We present a compact multi-modal and multi-scale retinal imaging instrument with an angiographic functional extension for clinical use. The system integrates scanning laser ophthalmoscopy (SLO), optical coherence tomography (OCT) and OCT angiography (OCTA) imaging modalities and provides multi-scale fields of view. For high resolution, and high lateral resolution in particular, cellular imaging correction of aberrations by adaptive optics (AO) is employed. The entire instrument has a compact design and the scanning head is mounted on motorized translation stages that enable 3D self-alignment with respect to the subject’s eye by tracking the pupil position. Retinal tracking, based on the information provided by SLO, is incorporated in the instrument to compensate for retinal motion during OCT imaging. The imaging capabilities of the multi-modal and multi-scale instrument were tested by imaging healthy volunteers and patients.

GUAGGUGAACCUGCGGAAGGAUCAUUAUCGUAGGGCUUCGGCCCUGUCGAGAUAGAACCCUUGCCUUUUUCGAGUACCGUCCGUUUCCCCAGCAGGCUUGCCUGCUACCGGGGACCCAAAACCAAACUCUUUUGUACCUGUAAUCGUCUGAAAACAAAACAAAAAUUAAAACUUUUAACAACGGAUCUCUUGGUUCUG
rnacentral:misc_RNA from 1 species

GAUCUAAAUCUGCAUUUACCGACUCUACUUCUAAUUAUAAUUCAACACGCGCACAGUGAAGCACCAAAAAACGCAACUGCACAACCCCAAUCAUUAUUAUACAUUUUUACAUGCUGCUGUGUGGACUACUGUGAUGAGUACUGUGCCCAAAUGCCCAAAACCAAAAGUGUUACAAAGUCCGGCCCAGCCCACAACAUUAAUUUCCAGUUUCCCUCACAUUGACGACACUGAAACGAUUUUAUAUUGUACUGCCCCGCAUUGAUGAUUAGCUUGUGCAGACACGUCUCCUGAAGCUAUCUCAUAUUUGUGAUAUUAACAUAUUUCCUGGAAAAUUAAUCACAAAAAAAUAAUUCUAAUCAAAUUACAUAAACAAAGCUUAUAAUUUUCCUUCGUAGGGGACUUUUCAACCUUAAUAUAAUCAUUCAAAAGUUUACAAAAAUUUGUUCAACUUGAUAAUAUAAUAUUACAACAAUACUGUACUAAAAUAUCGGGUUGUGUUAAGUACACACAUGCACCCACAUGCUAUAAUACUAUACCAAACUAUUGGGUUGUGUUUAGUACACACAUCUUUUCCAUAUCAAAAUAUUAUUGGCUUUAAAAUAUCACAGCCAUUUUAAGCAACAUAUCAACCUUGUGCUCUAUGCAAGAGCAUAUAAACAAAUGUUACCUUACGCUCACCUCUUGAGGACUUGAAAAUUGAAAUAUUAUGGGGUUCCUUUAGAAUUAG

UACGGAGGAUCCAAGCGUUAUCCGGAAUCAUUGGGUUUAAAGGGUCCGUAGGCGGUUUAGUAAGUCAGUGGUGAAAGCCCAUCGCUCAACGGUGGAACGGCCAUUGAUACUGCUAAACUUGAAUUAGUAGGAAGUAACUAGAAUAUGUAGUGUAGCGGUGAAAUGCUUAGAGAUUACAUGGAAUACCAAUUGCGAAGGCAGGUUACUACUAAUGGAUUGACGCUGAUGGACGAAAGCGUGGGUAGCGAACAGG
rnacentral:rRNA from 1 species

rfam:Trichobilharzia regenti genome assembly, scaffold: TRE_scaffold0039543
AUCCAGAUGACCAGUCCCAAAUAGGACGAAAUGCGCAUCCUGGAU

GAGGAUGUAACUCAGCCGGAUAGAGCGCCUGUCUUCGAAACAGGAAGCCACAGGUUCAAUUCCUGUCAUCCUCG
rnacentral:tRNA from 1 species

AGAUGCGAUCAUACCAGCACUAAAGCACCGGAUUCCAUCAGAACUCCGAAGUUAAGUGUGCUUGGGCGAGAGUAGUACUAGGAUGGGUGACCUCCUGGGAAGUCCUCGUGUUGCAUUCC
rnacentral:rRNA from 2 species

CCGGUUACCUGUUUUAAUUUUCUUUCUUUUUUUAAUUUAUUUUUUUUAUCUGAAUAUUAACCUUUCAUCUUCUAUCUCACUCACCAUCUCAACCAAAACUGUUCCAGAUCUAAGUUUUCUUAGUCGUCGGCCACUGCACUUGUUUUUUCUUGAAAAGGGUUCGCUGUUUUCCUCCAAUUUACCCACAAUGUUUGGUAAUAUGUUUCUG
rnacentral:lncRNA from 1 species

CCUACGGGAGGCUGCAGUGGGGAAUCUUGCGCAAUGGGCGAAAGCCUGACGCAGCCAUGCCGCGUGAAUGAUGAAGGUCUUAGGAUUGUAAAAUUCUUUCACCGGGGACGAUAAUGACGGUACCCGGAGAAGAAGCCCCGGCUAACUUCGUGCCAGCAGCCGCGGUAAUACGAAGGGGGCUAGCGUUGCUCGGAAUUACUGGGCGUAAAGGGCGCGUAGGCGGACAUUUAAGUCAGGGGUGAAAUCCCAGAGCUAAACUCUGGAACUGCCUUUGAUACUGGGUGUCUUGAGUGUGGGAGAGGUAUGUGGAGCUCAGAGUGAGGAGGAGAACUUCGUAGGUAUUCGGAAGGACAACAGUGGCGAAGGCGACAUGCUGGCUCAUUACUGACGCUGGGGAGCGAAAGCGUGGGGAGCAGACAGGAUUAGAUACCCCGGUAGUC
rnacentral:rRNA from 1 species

This work was supported by Horizon 2020, the European Union’s Framework Program for Research and Innovation under grant agreement no. 780989 (MERLIN). The funding organization had no role in the design or conduct of this research. JA, CV and PLA acknowledge financial support from the Spanish Ministry of Economy and Competitiveness through the “Severo Ochoa” program for Centres of Excellence in R&D (CEX2019-000910-S), from Fundació Privada Cellex, Fundació Mir-Puig, Generalitat de Catalunya through the CERCA program, la Caixa” Foundation (ID 100010434), under agreement HR18-00313, European Union’s Horizon 2020 research and innovation program under the Marie Skłodowska-Curie grant agreement No. 754510 and Laserlab-Europe EU-H2020 (871124). JA, CV and PLA acknowledge David Merino and Oumaima Sliti for their contribution to the project. MFS and MP acknowledge fruitful discussions with C.K. Hitzenberger and E. Brunner from the Medical University of Vienna. Thanks to Dietmar Korn, Babacar Wade, Franck Martins and Jigang Lu at Imagine Eyes for their contributions to engineering the prototypes. The study was supported by the European Reference Network for Rare Eye Diseases (ERN-EYE).
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